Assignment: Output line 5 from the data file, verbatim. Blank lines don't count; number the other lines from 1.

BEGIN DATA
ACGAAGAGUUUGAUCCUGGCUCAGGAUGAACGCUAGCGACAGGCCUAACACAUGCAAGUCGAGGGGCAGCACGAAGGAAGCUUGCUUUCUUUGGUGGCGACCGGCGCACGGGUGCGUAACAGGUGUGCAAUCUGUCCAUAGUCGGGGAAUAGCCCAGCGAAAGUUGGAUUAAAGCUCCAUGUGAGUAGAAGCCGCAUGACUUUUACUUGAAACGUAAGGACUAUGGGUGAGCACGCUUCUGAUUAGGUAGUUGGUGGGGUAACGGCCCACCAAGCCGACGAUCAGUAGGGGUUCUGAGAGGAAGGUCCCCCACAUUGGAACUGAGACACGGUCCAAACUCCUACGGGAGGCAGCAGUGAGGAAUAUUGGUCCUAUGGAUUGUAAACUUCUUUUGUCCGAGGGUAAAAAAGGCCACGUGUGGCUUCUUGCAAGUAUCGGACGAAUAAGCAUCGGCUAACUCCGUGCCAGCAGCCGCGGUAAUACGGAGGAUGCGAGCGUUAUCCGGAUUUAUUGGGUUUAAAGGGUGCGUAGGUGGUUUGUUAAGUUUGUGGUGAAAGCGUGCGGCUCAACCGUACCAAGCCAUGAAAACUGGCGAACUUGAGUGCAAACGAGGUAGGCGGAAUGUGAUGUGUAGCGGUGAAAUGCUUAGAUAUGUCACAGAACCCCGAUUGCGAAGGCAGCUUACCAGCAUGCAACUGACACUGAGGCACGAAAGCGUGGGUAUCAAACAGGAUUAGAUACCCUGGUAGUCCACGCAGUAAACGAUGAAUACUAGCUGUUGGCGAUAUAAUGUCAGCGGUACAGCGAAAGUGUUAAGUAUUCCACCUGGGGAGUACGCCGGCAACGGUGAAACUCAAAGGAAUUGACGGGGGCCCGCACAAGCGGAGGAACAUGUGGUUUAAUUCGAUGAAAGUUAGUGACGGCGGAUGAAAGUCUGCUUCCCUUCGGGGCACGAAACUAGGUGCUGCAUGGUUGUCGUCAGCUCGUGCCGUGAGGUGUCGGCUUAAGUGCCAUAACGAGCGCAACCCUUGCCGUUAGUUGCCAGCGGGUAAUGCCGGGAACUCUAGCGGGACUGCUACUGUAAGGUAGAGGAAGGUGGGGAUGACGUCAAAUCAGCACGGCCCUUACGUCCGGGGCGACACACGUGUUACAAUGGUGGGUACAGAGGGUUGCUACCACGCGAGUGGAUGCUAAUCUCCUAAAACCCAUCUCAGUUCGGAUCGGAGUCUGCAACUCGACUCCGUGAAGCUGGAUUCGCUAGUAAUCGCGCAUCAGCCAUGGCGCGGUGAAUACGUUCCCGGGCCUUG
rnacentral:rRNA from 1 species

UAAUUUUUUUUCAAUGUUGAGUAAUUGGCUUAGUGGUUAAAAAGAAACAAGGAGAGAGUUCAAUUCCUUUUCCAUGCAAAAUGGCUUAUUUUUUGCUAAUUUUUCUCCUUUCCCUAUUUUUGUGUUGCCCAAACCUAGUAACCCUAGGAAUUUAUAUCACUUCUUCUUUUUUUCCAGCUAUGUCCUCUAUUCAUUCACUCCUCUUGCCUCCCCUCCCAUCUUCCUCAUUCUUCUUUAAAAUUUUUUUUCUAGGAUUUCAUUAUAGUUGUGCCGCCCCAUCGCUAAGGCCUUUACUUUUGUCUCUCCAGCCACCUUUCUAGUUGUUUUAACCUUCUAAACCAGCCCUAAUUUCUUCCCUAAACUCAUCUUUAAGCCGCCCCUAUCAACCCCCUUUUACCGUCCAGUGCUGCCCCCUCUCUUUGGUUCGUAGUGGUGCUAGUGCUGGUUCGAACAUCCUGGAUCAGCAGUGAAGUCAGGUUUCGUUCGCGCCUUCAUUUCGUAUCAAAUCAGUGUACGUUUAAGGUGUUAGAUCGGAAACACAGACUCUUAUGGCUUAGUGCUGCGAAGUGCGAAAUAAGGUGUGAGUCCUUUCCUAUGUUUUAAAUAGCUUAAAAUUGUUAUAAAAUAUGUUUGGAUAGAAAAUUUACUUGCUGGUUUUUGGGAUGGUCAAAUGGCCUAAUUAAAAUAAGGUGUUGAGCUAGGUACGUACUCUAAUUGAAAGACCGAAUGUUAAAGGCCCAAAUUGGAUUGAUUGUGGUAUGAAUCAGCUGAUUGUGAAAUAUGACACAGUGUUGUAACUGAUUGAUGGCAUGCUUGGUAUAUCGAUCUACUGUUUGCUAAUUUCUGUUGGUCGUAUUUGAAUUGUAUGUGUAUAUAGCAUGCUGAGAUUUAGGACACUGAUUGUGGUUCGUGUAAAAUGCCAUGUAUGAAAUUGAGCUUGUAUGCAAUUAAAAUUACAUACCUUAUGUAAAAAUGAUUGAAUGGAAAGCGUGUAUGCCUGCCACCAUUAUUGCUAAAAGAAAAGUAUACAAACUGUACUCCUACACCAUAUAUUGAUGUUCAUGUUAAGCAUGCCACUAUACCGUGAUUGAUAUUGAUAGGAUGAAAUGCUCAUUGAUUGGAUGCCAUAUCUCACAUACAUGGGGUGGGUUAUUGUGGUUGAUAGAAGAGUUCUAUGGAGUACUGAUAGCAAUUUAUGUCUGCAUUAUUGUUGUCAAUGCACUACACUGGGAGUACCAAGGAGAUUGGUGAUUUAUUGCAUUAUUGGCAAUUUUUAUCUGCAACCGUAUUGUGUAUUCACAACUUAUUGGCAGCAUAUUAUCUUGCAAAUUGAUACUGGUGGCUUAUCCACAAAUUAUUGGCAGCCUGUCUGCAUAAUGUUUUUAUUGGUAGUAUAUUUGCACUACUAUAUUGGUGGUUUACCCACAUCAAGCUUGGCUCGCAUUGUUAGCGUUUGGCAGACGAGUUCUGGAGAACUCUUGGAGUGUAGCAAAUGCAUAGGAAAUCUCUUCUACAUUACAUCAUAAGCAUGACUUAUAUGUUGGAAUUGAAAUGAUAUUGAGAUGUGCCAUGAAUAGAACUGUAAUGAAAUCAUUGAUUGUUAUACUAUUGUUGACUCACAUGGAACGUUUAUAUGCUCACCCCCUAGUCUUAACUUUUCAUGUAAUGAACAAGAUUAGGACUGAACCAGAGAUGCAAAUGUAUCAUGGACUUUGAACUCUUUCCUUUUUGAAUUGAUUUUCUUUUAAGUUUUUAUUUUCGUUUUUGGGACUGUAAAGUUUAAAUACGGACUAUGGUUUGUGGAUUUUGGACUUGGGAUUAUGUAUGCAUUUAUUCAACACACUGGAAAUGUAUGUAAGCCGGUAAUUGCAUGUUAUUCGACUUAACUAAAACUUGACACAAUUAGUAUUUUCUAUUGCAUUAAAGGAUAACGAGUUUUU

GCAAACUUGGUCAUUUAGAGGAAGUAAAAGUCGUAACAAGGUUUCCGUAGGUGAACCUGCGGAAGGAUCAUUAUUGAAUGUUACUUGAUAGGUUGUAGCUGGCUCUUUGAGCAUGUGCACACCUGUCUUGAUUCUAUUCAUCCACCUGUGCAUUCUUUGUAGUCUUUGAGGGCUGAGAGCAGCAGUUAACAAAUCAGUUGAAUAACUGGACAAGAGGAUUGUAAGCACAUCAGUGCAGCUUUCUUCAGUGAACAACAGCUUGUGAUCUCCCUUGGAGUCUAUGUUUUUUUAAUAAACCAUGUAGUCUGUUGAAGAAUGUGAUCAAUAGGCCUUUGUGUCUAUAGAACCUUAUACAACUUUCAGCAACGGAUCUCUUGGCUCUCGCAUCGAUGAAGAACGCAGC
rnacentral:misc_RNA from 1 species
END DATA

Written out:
rnacentral:misc_RNA from 1 species